I like your alien guy. He is pretty cool and he travels really cheap! What a catch! I will be back to see what they find out after September 10th. I can't wait to find out the rest of the story.

Love and Blessings,
AngelBaby

Bob Johnson said...

Thanks max, yeah, the alien guy is very cool, I think all kinds of new and better technologies will be the result of the LHC. Lol, I hate air travel period, rather be beamed around,lol.\m/\m/

Bob Johnson said...

Lol, that's the way to look at it, no more bills, hey If we are going to go, might as well be sucked into a black hole, very cool, who knows maybe the grass is greener on the other side,lol.\m/\m/

Bob Johnson said...

Thanks angelbaby, glad you like the alien guy, I'll keep you posted on the ins and outs of the collider.\m/\m/

Ruth said...

It's fascinating stuff. You know we have the National Superconducting Cyclotron Lab here at MSU, and they just had a piece from the CERN courier. It talks about the stop-start approach to rare isotope beams:

"A better technical approach is to stop the beams, extract them and then reaccelerate them or use them at low energies," writes Don Monroe in a feature for the July/August CERN Courier, describing the various ways to create low-energy beams for rare isotope research. "This is the path that MSU has opted for in upgrading its NSCL facility."

"To provide isotope beams with lower and more tightly distributed energies, it will combine new and established technology to stop the beams, increase the charge on the ions and then reaccelerate them. The resulting beams will enable users at NSCL to explore the excitations of rare isotopes – by either nucleon transfer or Coulomb excitation – to reveal their internal structure."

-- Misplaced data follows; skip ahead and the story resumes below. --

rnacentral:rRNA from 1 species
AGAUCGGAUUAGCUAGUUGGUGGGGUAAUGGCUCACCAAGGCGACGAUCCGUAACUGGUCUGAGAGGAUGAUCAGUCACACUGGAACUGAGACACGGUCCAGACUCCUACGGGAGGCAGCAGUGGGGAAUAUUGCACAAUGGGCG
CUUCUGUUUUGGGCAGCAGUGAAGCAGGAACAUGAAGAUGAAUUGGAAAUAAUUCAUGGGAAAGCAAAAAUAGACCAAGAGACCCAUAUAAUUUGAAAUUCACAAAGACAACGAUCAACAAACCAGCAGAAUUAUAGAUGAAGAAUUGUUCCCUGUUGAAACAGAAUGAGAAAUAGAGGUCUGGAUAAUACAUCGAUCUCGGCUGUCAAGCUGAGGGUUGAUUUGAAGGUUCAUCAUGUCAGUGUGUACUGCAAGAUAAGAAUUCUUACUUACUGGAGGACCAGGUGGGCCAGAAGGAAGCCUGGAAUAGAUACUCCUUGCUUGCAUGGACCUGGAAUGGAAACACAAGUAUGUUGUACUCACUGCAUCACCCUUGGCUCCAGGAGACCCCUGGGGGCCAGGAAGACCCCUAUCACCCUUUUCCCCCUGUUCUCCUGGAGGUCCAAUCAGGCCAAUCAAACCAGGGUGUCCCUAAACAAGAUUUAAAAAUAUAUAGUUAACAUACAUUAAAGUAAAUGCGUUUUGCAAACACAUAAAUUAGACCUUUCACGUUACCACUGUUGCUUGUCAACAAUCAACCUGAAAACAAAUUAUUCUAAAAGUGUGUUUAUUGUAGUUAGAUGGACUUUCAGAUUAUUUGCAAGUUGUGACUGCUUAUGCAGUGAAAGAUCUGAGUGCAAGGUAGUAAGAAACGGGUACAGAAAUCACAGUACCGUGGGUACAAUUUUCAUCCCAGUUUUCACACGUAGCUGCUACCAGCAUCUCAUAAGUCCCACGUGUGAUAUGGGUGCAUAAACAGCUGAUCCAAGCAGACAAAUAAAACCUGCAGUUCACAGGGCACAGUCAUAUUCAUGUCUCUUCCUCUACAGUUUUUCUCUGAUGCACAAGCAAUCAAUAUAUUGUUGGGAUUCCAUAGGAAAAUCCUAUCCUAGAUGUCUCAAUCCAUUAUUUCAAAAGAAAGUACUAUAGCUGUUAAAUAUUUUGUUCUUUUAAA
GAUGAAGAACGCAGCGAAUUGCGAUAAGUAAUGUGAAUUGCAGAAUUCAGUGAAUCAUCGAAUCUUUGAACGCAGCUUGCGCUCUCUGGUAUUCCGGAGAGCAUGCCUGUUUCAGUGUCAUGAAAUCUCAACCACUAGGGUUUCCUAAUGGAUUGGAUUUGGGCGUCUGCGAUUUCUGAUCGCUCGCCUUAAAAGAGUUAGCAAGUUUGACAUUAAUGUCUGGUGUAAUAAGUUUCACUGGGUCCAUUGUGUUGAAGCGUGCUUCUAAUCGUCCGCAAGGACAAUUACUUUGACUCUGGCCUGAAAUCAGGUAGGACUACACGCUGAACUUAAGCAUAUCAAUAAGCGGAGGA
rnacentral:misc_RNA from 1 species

Ruth said...

Coincidentally (I meant to say in that last comment) I was planning to go over to the Cyclotron later today to photograph a mural by a Brazilian artist who contacted me, and whom I'm going to post about . . .

kml said...

I can tell we are going to be getting some very interesting photos of micros! Can't wait - macro photog is my favorite and this is even better!

Marvin the Martian said...

It's the end of the world as we know it.... and I feel fine.... LOL!

Nice microscope pix. You are SO talented.

Bob Johnson said...

Okay Ruth I am sooo impressed, I wasn't aware of that,I was just over at the NSCL website to read about it, it is very cool.

We here in Saskatoon have the Canadian Light Source Synchrotron. Actually had a guest speaker about its function at one of our RASC meetings, very cool.

Hey would you like to do a guest post here on black holes, about the research being done there and maybe sneak some of your viewpoints about the LHC in I can get you lots of 3D glasses as payment. \m/\m/\m/\m/\m/

Bob Johnson said...

Thanks Kathy, I think the micro world is very interesting, the microscapes are unbelievably cool.\m/\m/

Bob Johnson said...

Lol, and thanks marvin, and you have such excellent taste in music.\m/\m/

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Greetings Bob!
I got your point! We still have lots of research left in order to understand the universe in which we live. The Large Hadron Collider's a fantastic machine that's capable of creating micro black holes that won't destroy our planet but will show us some answers to many doubts we have had since ever